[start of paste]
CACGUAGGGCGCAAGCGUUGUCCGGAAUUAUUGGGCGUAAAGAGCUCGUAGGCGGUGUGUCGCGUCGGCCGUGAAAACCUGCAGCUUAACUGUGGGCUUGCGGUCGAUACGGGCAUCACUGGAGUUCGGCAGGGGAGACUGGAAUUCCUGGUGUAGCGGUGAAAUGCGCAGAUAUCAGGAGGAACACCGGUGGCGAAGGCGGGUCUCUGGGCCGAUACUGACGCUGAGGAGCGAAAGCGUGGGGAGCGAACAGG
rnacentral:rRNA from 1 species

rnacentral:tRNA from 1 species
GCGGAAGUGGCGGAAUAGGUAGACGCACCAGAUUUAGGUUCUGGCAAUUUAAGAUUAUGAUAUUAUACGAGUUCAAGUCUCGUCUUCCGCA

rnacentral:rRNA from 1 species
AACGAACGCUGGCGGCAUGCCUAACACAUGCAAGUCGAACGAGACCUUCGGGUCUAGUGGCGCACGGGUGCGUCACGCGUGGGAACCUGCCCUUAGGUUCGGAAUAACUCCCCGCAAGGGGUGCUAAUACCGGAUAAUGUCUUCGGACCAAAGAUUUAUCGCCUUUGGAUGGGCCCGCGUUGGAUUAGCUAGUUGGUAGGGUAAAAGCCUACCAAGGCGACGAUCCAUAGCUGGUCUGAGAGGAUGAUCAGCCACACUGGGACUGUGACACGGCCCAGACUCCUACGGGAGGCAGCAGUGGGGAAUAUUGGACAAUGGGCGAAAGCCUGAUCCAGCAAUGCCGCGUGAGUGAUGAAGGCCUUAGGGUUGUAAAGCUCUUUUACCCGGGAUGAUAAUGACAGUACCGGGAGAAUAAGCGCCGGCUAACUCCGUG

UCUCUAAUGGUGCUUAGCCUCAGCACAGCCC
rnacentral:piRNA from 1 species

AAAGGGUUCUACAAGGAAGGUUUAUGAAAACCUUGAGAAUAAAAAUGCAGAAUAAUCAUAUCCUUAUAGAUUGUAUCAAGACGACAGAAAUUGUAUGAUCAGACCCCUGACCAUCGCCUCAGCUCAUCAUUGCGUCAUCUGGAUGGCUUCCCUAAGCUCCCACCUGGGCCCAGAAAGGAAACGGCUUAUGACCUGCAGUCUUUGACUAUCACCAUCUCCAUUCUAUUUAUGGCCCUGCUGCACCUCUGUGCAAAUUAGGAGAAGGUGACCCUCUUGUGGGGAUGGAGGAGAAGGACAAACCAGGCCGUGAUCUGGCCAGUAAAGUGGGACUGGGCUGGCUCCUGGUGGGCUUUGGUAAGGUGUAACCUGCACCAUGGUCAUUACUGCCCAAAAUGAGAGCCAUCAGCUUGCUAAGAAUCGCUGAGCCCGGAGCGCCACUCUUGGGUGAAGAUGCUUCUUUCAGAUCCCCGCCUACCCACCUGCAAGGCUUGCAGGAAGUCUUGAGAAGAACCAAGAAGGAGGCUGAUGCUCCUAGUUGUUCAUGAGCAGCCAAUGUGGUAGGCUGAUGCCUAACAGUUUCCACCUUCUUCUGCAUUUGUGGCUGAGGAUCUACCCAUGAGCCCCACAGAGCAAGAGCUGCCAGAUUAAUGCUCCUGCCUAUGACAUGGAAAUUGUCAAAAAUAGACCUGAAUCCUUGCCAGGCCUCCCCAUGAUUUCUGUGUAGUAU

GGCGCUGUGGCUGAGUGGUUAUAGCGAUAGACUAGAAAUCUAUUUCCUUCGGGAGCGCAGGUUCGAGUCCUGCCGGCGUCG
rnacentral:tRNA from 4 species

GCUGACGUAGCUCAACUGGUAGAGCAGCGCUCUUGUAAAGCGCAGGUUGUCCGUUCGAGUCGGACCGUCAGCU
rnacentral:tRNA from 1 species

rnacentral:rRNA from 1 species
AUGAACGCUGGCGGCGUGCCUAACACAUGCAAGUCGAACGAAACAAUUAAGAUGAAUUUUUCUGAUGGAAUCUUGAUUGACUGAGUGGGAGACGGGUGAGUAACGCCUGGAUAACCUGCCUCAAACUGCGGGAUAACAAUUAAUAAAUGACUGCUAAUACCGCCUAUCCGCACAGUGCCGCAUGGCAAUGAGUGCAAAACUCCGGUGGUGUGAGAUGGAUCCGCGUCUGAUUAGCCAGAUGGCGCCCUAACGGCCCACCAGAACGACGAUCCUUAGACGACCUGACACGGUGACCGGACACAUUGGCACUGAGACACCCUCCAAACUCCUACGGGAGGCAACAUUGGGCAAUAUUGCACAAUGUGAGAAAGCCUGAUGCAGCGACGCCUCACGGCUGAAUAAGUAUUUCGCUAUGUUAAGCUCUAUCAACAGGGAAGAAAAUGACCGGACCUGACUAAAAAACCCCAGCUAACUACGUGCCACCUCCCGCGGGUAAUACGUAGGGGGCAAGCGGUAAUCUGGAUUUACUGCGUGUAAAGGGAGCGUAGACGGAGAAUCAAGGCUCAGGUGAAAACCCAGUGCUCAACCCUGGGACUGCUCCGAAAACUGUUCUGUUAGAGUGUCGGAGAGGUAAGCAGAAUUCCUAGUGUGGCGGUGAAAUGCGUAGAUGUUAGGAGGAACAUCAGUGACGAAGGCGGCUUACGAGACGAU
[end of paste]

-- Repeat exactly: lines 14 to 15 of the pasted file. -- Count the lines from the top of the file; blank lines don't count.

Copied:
rnacentral:rRNA from 1 species
AUGAACGCUGGCGGCGUGCCUAACACAUGCAAGUCGAACGAAACAAUUAAGAUGAAUUUUUCUGAUGGAAUCUUGAUUGACUGAGUGGGAGACGGGUGAGUAACGCCUGGAUAACCUGCCUCAAACUGCGGGAUAACAAUUAAUAAAUGACUGCUAAUACCGCCUAUCCGCACAGUGCCGCAUGGCAAUGAGUGCAAAACUCCGGUGGUGUGAGAUGGAUCCGCGUCUGAUUAGCCAGAUGGCGCCCUAACGGCCCACCAGAACGACGAUCCUUAGACGACCUGACACGGUGACCGGACACAUUGGCACUGAGACACCCUCCAAACUCCUACGGGAGGCAACAUUGGGCAAUAUUGCACAAUGUGAGAAAGCCUGAUGCAGCGACGCCUCACGGCUGAAUAAGUAUUUCGCUAUGUUAAGCUCUAUCAACAGGGAAGAAAAUGACCGGACCUGACUAAAAAACCCCAGCUAACUACGUGCCACCUCCCGCGGGUAAUACGUAGGGGGCAAGCGGUAAUCUGGAUUUACUGCGUGUAAAGGGAGCGUAGACGGAGAAUCAAGGCUCAGGUGAAAACCCAGUGCUCAACCCUGGGACUGCUCCGAAAACUGUUCUGUUAGAGUGUCGGAGAGGUAAGCAGAAUUCCUAGUGUGGCGGUGAAAUGCGUAGAUGUUAGGAGGAACAUCAGUGACGAAGGCGGCUUACGAGACGAU